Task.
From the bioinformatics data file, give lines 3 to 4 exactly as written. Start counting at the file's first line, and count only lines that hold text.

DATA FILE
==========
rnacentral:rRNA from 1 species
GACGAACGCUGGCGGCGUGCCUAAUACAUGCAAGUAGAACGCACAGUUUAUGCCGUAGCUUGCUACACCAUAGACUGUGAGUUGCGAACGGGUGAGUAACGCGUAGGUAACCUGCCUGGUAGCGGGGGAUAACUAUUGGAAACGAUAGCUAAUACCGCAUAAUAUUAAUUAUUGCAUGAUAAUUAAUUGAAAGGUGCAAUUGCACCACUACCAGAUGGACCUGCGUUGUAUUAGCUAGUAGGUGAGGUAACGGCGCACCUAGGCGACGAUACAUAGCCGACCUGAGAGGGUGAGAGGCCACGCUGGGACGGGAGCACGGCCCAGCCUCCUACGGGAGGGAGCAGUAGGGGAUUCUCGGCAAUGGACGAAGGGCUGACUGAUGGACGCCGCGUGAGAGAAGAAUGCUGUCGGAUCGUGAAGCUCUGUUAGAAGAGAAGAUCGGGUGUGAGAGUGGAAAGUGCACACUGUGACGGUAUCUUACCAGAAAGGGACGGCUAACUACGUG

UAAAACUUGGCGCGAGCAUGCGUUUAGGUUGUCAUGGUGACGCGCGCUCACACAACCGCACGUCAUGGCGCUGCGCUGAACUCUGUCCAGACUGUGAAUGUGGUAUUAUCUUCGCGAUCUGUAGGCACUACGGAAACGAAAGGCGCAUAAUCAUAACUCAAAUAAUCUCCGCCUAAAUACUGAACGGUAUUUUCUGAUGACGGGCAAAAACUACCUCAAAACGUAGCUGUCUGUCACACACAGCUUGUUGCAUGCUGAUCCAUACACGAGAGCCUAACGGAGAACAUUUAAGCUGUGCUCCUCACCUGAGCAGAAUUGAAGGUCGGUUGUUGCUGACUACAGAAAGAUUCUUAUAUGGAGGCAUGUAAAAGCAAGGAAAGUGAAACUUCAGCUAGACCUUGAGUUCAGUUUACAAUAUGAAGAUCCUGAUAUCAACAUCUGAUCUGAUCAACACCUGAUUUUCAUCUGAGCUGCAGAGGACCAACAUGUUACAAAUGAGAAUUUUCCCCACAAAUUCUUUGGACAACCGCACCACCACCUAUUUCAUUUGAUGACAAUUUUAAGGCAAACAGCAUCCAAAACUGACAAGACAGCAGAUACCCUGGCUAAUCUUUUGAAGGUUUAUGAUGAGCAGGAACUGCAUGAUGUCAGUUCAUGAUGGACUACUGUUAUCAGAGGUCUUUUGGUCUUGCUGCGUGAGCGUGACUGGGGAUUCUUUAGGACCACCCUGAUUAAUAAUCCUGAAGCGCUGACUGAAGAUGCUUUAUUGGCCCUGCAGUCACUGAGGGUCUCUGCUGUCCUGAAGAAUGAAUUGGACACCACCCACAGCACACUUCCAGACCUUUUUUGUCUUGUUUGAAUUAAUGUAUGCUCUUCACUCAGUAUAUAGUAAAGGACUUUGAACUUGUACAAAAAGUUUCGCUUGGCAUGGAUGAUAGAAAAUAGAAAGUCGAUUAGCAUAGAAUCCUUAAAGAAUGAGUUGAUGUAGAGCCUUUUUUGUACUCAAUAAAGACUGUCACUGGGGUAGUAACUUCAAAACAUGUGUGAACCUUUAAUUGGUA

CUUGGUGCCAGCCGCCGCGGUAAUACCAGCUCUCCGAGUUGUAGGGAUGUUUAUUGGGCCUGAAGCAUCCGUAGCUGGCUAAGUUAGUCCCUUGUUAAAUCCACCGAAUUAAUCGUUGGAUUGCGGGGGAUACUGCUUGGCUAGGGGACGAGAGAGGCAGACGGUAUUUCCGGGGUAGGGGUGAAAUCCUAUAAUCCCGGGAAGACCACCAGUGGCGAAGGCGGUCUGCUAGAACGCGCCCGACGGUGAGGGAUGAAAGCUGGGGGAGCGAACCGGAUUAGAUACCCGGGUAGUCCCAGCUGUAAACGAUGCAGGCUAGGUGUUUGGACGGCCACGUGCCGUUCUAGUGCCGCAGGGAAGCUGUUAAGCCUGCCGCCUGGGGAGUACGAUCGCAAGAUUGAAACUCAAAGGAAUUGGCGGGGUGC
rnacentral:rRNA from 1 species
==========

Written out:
UAAAACUUGGCGCGAGCAUGCGUUUAGGUUGUCAUGGUGACGCGCGCUCACACAACCGCACGUCAUGGCGCUGCGCUGAACUCUGUCCAGACUGUGAAUGUGGUAUUAUCUUCGCGAUCUGUAGGCACUACGGAAACGAAAGGCGCAUAAUCAUAACUCAAAUAAUCUCCGCCUAAAUACUGAACGGUAUUUUCUGAUGACGGGCAAAAACUACCUCAAAACGUAGCUGUCUGUCACACACAGCUUGUUGCAUGCUGAUCCAUACACGAGAGCCUAACGGAGAACAUUUAAGCUGUGCUCCUCACCUGAGCAGAAUUGAAGGUCGGUUGUUGCUGACUACAGAAAGAUUCUUAUAUGGAGGCAUGUAAAAGCAAGGAAAGUGAAACUUCAGCUAGACCUUGAGUUCAGUUUACAAUAUGAAGAUCCUGAUAUCAACAUCUGAUCUGAUCAACACCUGAUUUUCAUCUGAGCUGCAGAGGACCAACAUGUUACAAAUGAGAAUUUUCCCCACAAAUUCUUUGGACAACCGCACCACCACCUAUUUCAUUUGAUGACAAUUUUAAGGCAAACAGCAUCCAAAACUGACAAGACAGCAGAUACCCUGGCUAAUCUUUUGAAGGUUUAUGAUGAGCAGGAACUGCAUGAUGUCAGUUCAUGAUGGACUACUGUUAUCAGAGGUCUUUUGGUCUUGCUGCGUGAGCGUGACUGGGGAUUCUUUAGGACCACCCUGAUUAAUAAUCCUGAAGCGCUGACUGAAGAUGCUUUAUUGGCCCUGCAGUCACUGAGGGUCUCUGCUGUCCUGAAGAAUGAAUUGGACACCACCCACAGCACACUUCCAGACCUUUUUUGUCUUGUUUGAAUUAAUGUAUGCUCUUCACUCAGUAUAUAGUAAAGGACUUUGAACUUGUACAAAAAGUUUCGCUUGGCAUGGAUGAUAGAAAAUAGAAAGUCGAUUAGCAUAGAAUCCUUAAAGAAUGAGUUGAUGUAGAGCCUUUUUUGUACUCAAUAAAGACUGUCACUGGGGUAGUAACUUCAAAACAUGUGUGAACCUUUAAUUGGUA

CUUGGUGCCAGCCGCCGCGGUAAUACCAGCUCUCCGAGUUGUAGGGAUGUUUAUUGGGCCUGAAGCAUCCGUAGCUGGCUAAGUUAGUCCCUUGUUAAAUCCACCGAAUUAAUCGUUGGAUUGCGGGGGAUACUGCUUGGCUAGGGGACGAGAGAGGCAGACGGUAUUUCCGGGGUAGGGGUGAAAUCCUAUAAUCCCGGGAAGACCACCAGUGGCGAAGGCGGUCUGCUAGAACGCGCCCGACGGUGAGGGAUGAAAGCUGGGGGAGCGAACCGGAUUAGAUACCCGGGUAGUCCCAGCUGUAAACGAUGCAGGCUAGGUGUUUGGACGGCCACGUGCCGUUCUAGUGCCGCAGGGAAGCUGUUAAGCCUGCCGCCUGGGGAGUACGAUCGCAAGAUUGAAACUCAAAGGAAUUGGCGGGGUGC